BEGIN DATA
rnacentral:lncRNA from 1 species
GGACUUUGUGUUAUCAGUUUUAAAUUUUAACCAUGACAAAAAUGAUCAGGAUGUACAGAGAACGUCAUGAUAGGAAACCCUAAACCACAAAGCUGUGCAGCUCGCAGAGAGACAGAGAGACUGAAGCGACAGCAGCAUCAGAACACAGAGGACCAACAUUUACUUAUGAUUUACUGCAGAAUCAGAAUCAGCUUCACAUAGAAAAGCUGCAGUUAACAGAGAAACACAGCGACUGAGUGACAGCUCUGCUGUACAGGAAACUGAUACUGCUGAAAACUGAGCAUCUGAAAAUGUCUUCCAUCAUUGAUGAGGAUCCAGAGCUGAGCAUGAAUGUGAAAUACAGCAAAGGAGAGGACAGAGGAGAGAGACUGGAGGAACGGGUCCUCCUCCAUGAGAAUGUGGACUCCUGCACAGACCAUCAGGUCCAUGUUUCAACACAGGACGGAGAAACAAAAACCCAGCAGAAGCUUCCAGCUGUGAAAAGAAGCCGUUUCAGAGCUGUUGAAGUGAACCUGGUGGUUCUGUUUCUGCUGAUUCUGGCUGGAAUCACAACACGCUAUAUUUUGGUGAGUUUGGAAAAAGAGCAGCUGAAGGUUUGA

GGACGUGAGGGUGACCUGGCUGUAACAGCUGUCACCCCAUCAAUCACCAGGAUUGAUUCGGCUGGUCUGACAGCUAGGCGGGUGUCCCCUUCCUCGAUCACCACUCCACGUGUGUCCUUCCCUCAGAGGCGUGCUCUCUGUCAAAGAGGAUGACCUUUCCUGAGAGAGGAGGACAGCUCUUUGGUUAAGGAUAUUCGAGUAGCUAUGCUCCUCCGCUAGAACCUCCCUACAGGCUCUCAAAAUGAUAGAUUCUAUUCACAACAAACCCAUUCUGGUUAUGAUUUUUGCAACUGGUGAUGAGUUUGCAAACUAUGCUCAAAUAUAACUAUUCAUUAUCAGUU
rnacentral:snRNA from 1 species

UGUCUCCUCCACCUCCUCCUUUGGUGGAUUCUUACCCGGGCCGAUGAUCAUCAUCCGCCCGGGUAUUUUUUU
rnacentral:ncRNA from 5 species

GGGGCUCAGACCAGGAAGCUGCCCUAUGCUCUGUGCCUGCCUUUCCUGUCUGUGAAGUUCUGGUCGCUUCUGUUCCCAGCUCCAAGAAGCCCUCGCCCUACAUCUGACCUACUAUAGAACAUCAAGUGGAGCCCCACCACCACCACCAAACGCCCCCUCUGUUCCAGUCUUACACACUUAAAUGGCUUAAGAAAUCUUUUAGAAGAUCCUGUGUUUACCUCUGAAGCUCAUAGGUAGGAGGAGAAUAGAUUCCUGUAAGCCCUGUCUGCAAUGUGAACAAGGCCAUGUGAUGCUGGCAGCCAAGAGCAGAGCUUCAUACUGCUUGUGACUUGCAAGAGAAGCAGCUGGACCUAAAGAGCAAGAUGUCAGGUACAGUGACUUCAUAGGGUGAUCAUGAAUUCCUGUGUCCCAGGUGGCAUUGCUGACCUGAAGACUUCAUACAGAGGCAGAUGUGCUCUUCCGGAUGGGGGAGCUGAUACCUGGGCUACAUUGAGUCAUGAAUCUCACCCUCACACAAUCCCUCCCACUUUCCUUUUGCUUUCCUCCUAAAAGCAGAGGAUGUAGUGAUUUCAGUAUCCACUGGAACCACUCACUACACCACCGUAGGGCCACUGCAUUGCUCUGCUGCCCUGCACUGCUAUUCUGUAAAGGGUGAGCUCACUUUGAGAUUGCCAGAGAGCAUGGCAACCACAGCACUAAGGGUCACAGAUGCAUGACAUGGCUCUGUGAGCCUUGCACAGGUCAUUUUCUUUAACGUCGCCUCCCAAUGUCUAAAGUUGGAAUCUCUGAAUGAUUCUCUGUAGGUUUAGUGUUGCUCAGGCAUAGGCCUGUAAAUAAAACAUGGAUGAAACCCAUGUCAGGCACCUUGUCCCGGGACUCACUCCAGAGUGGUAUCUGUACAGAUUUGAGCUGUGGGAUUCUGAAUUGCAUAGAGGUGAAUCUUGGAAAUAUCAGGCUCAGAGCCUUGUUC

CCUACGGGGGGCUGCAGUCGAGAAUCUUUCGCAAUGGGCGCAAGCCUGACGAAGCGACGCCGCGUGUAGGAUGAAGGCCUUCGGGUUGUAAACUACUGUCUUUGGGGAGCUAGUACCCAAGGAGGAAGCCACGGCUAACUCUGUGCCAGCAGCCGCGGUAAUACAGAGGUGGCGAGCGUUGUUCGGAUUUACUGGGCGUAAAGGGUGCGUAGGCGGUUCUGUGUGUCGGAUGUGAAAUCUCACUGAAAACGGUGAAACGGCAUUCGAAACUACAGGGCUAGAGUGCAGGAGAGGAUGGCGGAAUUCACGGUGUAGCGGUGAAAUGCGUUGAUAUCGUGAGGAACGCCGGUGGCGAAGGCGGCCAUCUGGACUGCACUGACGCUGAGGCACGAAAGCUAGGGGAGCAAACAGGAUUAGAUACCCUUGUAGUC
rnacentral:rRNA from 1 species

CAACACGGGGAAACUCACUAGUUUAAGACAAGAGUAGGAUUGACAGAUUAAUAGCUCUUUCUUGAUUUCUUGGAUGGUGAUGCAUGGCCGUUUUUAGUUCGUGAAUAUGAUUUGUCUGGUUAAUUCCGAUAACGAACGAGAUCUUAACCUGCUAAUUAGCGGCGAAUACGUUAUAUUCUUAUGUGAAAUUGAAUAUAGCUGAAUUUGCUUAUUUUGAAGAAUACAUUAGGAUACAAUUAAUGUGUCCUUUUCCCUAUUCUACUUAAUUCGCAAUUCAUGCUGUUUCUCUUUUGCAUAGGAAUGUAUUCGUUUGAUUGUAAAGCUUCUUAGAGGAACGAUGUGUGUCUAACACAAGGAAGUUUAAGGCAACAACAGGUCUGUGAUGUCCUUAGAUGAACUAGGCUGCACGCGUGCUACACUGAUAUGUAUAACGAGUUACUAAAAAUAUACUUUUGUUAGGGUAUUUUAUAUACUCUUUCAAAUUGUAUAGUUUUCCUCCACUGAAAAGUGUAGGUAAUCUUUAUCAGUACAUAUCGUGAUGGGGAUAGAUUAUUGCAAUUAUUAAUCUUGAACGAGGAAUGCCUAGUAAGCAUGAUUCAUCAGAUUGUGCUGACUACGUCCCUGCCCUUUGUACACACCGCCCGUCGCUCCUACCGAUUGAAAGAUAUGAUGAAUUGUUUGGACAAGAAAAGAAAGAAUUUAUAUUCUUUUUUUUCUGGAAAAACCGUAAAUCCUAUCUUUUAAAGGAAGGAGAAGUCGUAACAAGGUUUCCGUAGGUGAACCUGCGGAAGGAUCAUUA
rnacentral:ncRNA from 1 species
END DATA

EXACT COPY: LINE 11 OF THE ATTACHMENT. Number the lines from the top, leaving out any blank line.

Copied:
rnacentral:ncRNA from 1 species